The Effect of Tax Aggressiveness and Corporate Governance on Audit Fees Evidences from Brazil

By Martinez, Antonio Lopo; Lessa, Rubem Cardoso | Journal of Management Research, January 1, 2014 | Go to article overview

The Effect of Tax Aggressiveness and Corporate Governance on Audit Fees Evidences from Brazil


Martinez, Antonio Lopo, Lessa, Rubem Cardoso, Journal of Management Research


Abstract

The study investigates the relationship between tax avoidance practices and audit fees. The literature has reported various factors that determine the amount of audit fees, among them the possible risks faced by the audit firm. This article focuses on the effect of tax avoidance by Brazilian companies on the fees charged by auditors. Based on audit fee data for the period from 2009 to 2011 and book-tax differences as an empirical proxy for tax avoidance, we find that tax avoidance practices are positively related to audit fees, i.e., companies that are more aggressive in their tax planning tend to be penalized by having to pay higher fees to their auditors. However, in the contextualized analysis, the results indicate that good corporate governance practices tend to minimize this relationship, attenuating the incremental effects on the remuneration of audit firms. This study also evidences the risk perception of independent auditors and identifies interactions of tax planning, independent auditing and corporate governance not usually perceived by the market.

Keywords: Audit fees, Tax avoidance, Audit risk, Corporate governance

1. Introduction

This article investigates the relationship between the level of tax avoidance of companies and the amount charged by audit firms. The concept adopted for tax avoidance is the simplified concept developed by Hanlon and Heitzman (2010), the reduction of explicit taxation, which leads to a broad vision of tax planning. The definition includes various tax planning strategies independent of the aggressiveness, so the definition covers both illegal tax evasion and legal tax avoidance (Hanlon & Heitzman, 2010).

External auditors play a key role in the representation of financial information, acting as intermediaries between the financial statements and their users (Hanlon, Krishnan & Mills, 2012). Krishnan and Visvanathan (2008) argued that the risk of corporate governance failure is highly relevant to auditors, because it increases the risk of reformulations, and consequently of auditing in general (Krishnan & Visvanathan, 2008). Therefore, audit fees can be expected to be higher to compensate the greater efforts and greater chance of losses due to the risk of litigation and/or harm to reputation (Hanlon et al., 2012).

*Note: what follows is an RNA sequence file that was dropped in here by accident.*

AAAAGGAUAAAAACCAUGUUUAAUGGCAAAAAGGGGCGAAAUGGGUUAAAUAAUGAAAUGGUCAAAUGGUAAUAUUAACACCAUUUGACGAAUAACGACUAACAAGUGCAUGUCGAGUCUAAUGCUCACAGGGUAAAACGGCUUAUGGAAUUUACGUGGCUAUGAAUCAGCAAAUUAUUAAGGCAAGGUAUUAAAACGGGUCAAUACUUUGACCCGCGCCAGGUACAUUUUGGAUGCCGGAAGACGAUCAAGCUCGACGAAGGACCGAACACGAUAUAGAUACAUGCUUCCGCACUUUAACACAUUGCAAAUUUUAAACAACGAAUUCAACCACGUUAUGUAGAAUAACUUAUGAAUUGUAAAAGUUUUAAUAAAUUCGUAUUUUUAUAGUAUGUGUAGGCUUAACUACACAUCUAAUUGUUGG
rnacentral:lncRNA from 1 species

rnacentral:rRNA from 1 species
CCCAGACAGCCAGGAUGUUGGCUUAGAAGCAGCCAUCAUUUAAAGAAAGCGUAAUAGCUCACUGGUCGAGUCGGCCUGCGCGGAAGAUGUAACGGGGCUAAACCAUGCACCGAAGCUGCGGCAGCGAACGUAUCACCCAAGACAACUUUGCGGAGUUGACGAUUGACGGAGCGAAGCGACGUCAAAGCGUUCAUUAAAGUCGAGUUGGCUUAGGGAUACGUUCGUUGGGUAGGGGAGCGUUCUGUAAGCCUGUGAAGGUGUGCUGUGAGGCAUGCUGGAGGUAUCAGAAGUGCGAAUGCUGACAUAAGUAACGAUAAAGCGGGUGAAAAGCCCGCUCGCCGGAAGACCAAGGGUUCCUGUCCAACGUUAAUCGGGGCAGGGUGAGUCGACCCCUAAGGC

The literature has reported evidence that highly elaborate structures to lower taxes can lead the market to believe that not only are the tax rules being circumvented, the financial statements are also being manipulated (Hanlon & Slemrod, 2009). There is also evidence that more complex tax avoidance structures permit companies to manage earnings (Desai & Dharmapala, 2006). Hence, an increase in audit fees would be expected as tax avoidance becomes more aggressive. Based on the foregoing, we examine the following research question: Is there a relationship between the level of tax avoidance and the audit fees paid by listing Brazilian companies?

For this purpose, we investigate if there is a relationship between the variation of external auditors' fees and the variation in levels of tax avoidance of Brazilian firms listed on the BM&FBovespa. We also verify if there is any relationship between audit fees and the level of corporate governance, represented by listing on one of the special trading segments of that exchange reserved for companies with enhanced governance structures. We do not attempt to judge the legality of tax avoidance, only its influence on the fees charged by independent auditors, since they are sensitive to situations that can pose risks to their reputation.

The results confirm the theoretical expectation, in harmony with the findings of other studies, indicating that auditors consider tax avoidance as a parameter to measure the audit risks. Another relevant finding is the inverse relationship between the interaction of being audited by one of the Big 4 and enhanced corporate governance and audit fees, according to which the largest audit firms interpret good corporate governance as a reducer of risks, leading to lower audit fees paid by firms listed for trading in one of the enhanced corporate governance segments. …

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